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What Is a Hero in Literature?
Broadly, a hero is a main character in literature. The hero character may possess great or admirable qualities and be forced to overcome obstacles in the course of the story. Often, they embark on a quest that follows the stages of Joseph Campbell’s hero’s journey.
6 Types of Heroes in Literature
Heroes can come in all shapes and sizes. Here are the six most common types of heroes found in literature:
- Everyman hero: Everyman heroes are ordinary people without any apparent heroic qualities or characteristics. They are underdogs placed in extraordinary circumstances that force them to act heroically. Though lacking inherent heroic qualities, everyman character types often have a strong moral compass and act with extreme selflessness. Readers can easily relate to these types of heroes due to their ordinary nature. In J.R.R. Tolkien’s The Hobbit—the prequel to the Lord of the Rings trilogy—Bilbo Baggins is a common hobbit without extraordinary abilities who nonetheless finds himself on an adventure to obtain the treasure guarded by Smaug the dragon.
- Classical hero: A classical hero is a character who possesses a great talent or ability that separates them from the rest of their contemporaries. This could be a skill, such as the ability to fight, or it could be an internal quality such as bravery or cleverness. Usually, this hero type appears normal on the surface until their powers begin to reveal themselves, such as when Harry Potter learns he is a wizard with magical powers. This hero archetype is present in Star Wars when the seemingly normal Luke Skywalker begins to wield the extraordinary power of the Force.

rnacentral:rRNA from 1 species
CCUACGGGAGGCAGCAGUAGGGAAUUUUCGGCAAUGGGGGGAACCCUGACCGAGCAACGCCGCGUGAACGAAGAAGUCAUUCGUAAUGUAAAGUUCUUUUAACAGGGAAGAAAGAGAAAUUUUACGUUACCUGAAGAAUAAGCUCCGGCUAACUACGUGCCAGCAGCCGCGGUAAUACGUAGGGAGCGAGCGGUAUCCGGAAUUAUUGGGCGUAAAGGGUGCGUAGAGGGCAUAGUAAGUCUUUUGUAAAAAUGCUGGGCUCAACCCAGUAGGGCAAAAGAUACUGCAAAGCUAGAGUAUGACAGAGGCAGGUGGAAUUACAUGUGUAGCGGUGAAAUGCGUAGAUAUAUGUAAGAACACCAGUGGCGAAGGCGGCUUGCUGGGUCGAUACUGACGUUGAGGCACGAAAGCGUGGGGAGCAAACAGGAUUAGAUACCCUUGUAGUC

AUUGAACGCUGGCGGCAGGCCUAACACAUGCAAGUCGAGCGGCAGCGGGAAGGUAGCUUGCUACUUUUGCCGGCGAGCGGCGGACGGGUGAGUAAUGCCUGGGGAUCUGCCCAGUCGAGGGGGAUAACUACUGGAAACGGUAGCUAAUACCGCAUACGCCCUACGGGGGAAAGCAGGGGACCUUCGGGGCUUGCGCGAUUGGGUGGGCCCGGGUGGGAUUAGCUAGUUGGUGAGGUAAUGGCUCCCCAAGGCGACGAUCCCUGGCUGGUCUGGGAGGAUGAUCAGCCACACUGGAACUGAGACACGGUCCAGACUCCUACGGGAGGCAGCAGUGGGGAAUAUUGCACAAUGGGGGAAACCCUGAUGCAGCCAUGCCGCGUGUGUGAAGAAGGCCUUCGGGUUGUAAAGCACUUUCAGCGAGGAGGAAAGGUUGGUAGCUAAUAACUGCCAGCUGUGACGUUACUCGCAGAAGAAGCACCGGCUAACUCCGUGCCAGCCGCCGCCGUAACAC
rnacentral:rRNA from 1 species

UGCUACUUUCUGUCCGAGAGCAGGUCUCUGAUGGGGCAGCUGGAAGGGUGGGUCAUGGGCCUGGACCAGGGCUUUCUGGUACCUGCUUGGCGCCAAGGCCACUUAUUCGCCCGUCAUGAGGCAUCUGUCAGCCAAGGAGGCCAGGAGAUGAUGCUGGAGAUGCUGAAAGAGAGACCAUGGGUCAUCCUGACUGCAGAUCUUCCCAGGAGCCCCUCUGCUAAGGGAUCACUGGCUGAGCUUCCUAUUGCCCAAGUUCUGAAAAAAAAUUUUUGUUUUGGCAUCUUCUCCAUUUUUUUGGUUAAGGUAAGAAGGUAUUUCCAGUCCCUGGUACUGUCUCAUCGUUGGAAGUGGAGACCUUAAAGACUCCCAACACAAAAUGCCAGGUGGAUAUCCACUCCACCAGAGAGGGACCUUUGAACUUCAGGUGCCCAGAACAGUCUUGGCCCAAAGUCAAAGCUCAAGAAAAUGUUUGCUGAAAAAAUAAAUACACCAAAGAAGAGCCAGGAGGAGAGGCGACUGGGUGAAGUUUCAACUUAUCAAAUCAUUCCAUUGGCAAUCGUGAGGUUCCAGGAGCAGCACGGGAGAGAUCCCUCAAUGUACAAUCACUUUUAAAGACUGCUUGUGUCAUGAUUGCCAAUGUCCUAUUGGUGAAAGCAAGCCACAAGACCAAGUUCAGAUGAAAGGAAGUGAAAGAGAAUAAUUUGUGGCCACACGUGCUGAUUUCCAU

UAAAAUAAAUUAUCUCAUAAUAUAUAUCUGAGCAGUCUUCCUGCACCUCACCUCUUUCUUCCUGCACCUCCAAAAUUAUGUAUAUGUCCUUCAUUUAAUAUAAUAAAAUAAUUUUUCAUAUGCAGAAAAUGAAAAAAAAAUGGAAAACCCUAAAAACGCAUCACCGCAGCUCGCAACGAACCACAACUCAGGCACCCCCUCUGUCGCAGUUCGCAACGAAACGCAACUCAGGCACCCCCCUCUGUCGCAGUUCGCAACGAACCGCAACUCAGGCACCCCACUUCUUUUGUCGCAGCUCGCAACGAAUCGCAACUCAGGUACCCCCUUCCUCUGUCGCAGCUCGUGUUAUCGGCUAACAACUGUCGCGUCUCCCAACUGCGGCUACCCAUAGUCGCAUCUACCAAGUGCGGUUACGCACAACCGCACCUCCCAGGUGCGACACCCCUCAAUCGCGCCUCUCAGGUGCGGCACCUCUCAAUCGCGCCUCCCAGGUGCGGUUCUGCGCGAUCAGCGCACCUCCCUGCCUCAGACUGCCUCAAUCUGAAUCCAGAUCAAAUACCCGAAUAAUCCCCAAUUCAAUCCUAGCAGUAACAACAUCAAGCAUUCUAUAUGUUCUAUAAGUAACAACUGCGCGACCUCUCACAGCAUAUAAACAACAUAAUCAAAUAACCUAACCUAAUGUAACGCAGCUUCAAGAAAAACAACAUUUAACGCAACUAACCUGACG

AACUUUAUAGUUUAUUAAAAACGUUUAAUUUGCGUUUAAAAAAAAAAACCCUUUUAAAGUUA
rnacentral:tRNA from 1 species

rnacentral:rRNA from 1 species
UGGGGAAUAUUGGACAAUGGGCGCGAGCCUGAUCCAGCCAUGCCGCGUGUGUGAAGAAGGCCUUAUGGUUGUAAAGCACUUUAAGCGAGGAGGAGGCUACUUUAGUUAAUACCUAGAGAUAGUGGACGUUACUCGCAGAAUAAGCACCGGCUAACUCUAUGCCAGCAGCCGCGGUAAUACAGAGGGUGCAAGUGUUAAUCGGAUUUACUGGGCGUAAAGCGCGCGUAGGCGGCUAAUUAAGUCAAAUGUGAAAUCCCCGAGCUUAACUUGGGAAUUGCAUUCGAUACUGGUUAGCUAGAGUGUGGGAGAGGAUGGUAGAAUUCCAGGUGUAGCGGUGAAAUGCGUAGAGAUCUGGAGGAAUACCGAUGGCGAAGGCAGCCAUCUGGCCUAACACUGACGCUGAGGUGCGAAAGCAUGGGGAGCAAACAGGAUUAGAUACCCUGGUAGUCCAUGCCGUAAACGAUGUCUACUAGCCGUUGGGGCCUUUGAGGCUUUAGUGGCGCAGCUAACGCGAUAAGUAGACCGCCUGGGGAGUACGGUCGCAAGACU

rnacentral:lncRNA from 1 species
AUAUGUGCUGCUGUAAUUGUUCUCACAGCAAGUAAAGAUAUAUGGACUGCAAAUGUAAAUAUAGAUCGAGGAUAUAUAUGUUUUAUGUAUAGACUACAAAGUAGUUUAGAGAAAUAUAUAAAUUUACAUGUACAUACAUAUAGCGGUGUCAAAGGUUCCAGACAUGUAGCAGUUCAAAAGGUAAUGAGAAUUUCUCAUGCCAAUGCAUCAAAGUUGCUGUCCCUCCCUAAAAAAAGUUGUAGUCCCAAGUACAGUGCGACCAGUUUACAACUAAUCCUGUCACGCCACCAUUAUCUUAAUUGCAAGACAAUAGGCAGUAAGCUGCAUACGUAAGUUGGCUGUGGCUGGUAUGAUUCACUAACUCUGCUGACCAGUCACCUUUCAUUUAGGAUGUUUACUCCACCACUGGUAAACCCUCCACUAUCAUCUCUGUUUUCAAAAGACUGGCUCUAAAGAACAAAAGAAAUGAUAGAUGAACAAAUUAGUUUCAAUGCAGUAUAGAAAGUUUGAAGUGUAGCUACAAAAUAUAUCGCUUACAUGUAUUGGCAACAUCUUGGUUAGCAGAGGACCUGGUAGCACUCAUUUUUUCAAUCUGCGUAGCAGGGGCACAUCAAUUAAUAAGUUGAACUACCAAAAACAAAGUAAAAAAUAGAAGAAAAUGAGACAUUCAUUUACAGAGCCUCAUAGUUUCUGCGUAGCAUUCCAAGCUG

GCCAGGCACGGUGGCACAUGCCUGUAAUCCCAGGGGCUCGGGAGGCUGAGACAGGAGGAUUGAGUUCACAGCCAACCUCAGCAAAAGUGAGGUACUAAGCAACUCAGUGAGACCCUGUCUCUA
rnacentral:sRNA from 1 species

- Epic hero: Popular in Greek mythology, epic heroes possess otherworldly heroic qualities. These main characters usually come from noble birth and are viewed as legendary due to their seemingly superhuman capabilities and heroic deeds. Examples of heroes in this tradition date back as far as The Epic of Gilgamesh from 1800 BC. Other epic heroes include Achilles (from Homer’s The Iliad), Odysseus, Beowulf, King Arthur, and superheroes like Superman.
- Tragic hero: A tragic hero is a hero who possesses a fatal flaw or makes an error in judgment that ultimately leads to their downfall. Tragic heroes evoke a feeling of fear or pity in the audience as they witness their protagonist’s ultimate demise. Perhaps the most well-known example of a tragic hero is Oedipus, whose tragic flaw is his excessive pride, which leads him to unwittingly kill his father and marry his mother. In William Shakespeare’s Romeo and Juliet, Romeo’s fatal flaw is his unrestrained passion and emotional impulsiveness, which leads to his own death and the death of Juliet. Brutus, from Shakespeare’s Julius Caesar, is able to be manipulated into killing Caesar because of his overwhelming loyalty to his country.
- Anti-hero: Anti-heroes do not possess traditionally heroic qualities. In fact, they have qualities that seem more befitting of a villain, such as dishonesty, greed, or general immorality. The anti-hero’s struggle to overcome or reconcile these morally dubious qualities makes them relatable to an audience, emphasizing the very human conflict between right and wrong that we all experience. The Great Gatsby has an iconic anti-hero in Jay Gatsby, whose rise from poverty was accomplished through involvement in organized crime and theft. In Star Wars, Han Solo is an arrogant, roguish smuggler who eventually overcomes his own self-interest to help the Rebel Alliance.
- Byronic hero: The Byronic hero—an archetype codified by English romantic poet Lord Byron—is known for being prickly, sullen and inscrutable on the outside, while possessing a rich inner life under the surface. These heroes are often profoundly flawed and wounded, but nonetheless possess strong morals and passions. They commonly question the beliefs and conventions of normal society, leading to their own social alienation. In Pride and Prejudice, Mr. Darcy is a Byronic hero and an outcast who is driven by his passion for Elizabeth.
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